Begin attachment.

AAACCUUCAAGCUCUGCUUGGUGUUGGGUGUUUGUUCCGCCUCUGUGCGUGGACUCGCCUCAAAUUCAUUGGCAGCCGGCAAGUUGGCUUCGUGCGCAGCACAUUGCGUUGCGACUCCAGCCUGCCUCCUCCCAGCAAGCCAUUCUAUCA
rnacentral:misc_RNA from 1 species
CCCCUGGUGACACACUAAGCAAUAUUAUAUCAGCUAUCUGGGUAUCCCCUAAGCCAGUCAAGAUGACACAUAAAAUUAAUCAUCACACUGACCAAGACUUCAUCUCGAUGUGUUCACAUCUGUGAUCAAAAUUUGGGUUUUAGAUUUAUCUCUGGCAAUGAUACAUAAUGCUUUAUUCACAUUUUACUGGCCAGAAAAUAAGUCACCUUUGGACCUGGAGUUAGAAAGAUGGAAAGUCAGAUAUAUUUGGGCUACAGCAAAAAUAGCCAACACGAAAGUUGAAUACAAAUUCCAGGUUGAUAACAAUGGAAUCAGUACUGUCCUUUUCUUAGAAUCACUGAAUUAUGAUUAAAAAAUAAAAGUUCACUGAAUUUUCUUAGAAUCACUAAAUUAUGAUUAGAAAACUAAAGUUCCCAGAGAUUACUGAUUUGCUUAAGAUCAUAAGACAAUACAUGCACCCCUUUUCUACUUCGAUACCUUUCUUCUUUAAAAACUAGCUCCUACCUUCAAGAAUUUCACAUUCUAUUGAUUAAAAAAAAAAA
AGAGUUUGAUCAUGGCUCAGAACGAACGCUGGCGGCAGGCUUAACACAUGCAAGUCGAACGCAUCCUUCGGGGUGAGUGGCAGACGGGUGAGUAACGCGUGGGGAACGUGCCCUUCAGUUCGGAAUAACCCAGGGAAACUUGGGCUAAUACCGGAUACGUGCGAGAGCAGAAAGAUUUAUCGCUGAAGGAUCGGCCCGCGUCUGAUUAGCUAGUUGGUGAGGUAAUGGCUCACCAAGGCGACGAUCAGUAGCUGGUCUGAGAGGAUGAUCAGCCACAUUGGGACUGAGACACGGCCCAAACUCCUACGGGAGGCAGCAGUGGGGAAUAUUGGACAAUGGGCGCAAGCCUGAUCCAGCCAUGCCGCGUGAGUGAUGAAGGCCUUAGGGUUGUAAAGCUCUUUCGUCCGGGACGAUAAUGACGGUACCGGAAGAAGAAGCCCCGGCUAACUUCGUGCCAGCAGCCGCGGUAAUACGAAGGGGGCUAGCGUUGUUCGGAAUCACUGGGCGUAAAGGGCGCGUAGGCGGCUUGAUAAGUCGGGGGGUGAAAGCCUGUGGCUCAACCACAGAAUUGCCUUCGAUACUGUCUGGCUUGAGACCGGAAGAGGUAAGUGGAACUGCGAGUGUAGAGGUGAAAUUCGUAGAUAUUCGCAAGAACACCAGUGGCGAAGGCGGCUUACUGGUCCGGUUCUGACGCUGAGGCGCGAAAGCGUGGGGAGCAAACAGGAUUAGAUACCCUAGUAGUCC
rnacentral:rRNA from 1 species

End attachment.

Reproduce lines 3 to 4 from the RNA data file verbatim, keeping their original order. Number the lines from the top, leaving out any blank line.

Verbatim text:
CCCCUGGUGACACACUAAGCAAUAUUAUAUCAGCUAUCUGGGUAUCCCCUAAGCCAGUCAAGAUGACACAUAAAAUUAAUCAUCACACUGACCAAGACUUCAUCUCGAUGUGUUCACAUCUGUGAUCAAAAUUUGGGUUUUAGAUUUAUCUCUGGCAAUGAUACAUAAUGCUUUAUUCACAUUUUACUGGCCAGAAAAUAAGUCACCUUUGGACCUGGAGUUAGAAAGAUGGAAAGUCAGAUAUAUUUGGGCUACAGCAAAAAUAGCCAACACGAAAGUUGAAUACAAAUUCCAGGUUGAUAACAAUGGAAUCAGUACUGUCCUUUUCUUAGAAUCACUGAAUUAUGAUUAAAAAAUAAAAGUUCACUGAAUUUUCUUAGAAUCACUAAAUUAUGAUUAGAAAACUAAAGUUCCCAGAGAUUACUGAUUUGCUUAAGAUCAUAAGACAAUACAUGCACCCCUUUUCUACUUCGAUACCUUUCUUCUUUAAAAACUAGCUCCUACCUUCAAGAAUUUCACAUUCUAUUGAUUAAAAAAAAAAA
AGAGUUUGAUCAUGGCUCAGAACGAACGCUGGCGGCAGGCUUAACACAUGCAAGUCGAACGCAUCCUUCGGGGUGAGUGGCAGACGGGUGAGUAACGCGUGGGGAACGUGCCCUUCAGUUCGGAAUAACCCAGGGAAACUUGGGCUAAUACCGGAUACGUGCGAGAGCAGAAAGAUUUAUCGCUGAAGGAUCGGCCCGCGUCUGAUUAGCUAGUUGGUGAGGUAAUGGCUCACCAAGGCGACGAUCAGUAGCUGGUCUGAGAGGAUGAUCAGCCACAUUGGGACUGAGACACGGCCCAAACUCCUACGGGAGGCAGCAGUGGGGAAUAUUGGACAAUGGGCGCAAGCCUGAUCCAGCCAUGCCGCGUGAGUGAUGAAGGCCUUAGGGUUGUAAAGCUCUUUCGUCCGGGACGAUAAUGACGGUACCGGAAGAAGAAGCCCCGGCUAACUUCGUGCCAGCAGCCGCGGUAAUACGAAGGGGGCUAGCGUUGUUCGGAAUCACUGGGCGUAAAGGGCGCGUAGGCGGCUUGAUAAGUCGGGGGGUGAAAGCCUGUGGCUCAACCACAGAAUUGCCUUCGAUACUGUCUGGCUUGAGACCGGAAGAGGUAAGUGGAACUGCGAGUGUAGAGGUGAAAUUCGUAGAUAUUCGCAAGAACACCAGUGGCGAAGGCGGCUUACUGGUCCGGUUCUGACGCUGAGGCGCGAAAGCGUGGGGAGCAAACAGGAUUAGAUACCCUAGUAGUCC